But if there would be a little problem in the President’s actual approval rating (in the Type I report) by June, the jump in his approval rating (in the Type O report) would be made small, but still a perceptible improvement over the first quarter’s 5 percent.

And if the times would go from bad to worse by June, the President’s pollsters may cross their fingers and keep the same 5-percent level of net approval. Everything would be done to keep the line from going down in the second quarter chart.

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OPINON surveys are, like newspaper publishing, big business. Some cynics call them rackets, no offense meant.

Opinion survey firms do not embark on costly nationwide surveys for the fun or the academic exercise of it. Like the rest of other operators in the market, pollsters have to make money.

The big money comes mostly from clients who commission complicated periodic surveys and similar studies. If you’re small-time, you cannot afford them.

At the end of their fiscal period, the survey firm’s officials have to submit a positive financial report, if not hefty dividends, to their shareholders.

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IN the case of Malacañang, which is a pollster’s dream client, since it is not President Estrada’s money anyway, he can throw millions in taxpayers’ money in one survey.

A series of quarterly surveys requiring two types of report cost a fortune. But what the heck, it’s Juan Pasang Cruz and not the Holy Trinity of San Juan carrying the heavy financial cross anyway.

What if you’re only an opposition leader looking in and you want a survey? Worse, suppose you want both Type I and Type O survey reports? Can you tap government funds for such a costly survey?

President Estrada’s stock answer to that is “Mag-presidente muna kayo!” (Try being president first!)

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SOME people are comparing the 5 percent net approval rating of President Estrada and the 70 percent of Vice President Gloria Arroyo, jumping to the conclusion that if elections were held tomorrow, Arroyo would handily beat Estrada.

There is no point of comparison. The two top officials of the land do not have the same job. In fact, Arroyo is hardly doing anything as vice president except to wait for the overworked heart of Erap to stop beating. What performance in office of the Vice President can we talk about?

Arroyo is also social welfare secretary, a post that takes her to many places for continued exposure. But even as head of a watered-down, devolved line department, there is no extraordinary performance that she can crow about that would warrant a 70 percent rating.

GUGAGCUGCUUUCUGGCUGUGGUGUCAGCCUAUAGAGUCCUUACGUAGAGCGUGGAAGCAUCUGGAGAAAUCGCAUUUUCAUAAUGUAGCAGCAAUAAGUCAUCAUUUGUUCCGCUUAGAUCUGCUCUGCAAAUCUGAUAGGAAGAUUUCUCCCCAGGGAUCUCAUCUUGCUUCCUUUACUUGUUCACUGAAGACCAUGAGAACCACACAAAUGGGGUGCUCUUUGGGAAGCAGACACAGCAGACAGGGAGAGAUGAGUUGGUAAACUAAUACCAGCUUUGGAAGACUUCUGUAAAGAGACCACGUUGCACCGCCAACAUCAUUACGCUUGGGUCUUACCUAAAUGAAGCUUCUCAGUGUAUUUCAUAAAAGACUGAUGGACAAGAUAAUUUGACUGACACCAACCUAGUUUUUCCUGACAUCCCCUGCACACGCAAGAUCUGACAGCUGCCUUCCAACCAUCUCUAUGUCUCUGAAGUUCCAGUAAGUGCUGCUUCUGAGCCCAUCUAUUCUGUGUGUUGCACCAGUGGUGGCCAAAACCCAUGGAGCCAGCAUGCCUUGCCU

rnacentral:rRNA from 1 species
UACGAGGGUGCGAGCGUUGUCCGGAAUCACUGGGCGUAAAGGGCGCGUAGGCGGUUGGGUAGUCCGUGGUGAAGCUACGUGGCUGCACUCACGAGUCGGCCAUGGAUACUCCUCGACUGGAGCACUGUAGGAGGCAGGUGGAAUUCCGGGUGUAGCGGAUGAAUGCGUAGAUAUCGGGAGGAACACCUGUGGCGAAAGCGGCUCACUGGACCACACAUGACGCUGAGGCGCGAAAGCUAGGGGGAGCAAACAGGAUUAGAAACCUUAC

What are we saying? We think there’s something queasy with her alleged 70 percent approval rating. We’re tempted to say that that figure must have been plucked also from a Type O survey report.

But if I were Erap Estrada, that would be exactly what I would do – keep high Arroyo’s rating to prevent other adventurers in the opposition from getting ideas about the post to be vacated by a one-term president.

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AS we said in an earlier POSTSCRIPT, whatever they or we think of President Estrada, he would be able to serve out the remaining four years of his term.

A vacancy occurs only if he is impeached, if he resigns, is incapacitated or dies. None of the above seems likely to happen.

Senate Minority Leader Teofisto Guingona puffed himself up days ago and hurled the challenge to Erap Estrada to resign amid what he called the growing discontent and restiveness.

Guingona’s call for resignation is funnier than an Erap joke. The senator is like a flea telling the dog to roll over and play possum.

Then there’s another lawmaker, we can’t remember the name, who dared Mr. Estrada to call a snap election. How can he do that under the Constitution that defines in clear terms the line of succession? Even a senator would know that a snap election is not one of the legal options.

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PRESS Secretary Rodolfo Reyes is lucky he is soon moving out of the snakepit. ABS-CBN executive and STAR columnist Ricardo Puno is taking the hot seat on April 15.

Instead of a spokesman, Mr. Estrada should hire a ventriloquist for the Palace circus. We have seen how presidential spokesman Fernando Barican would contrive an expertly woven explanation of some delicate presidential decision – only to see the President later wade into an ambush interview and say something else disastrous.

If Barican were a ventriloquist, he could throw his voice in the direction of the President whenever the Boss ventures to open his mouth without a script.

Bon voyage to Rod, and good luck to Dong!

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(First published in the Philippine STAR of April 6, 2000)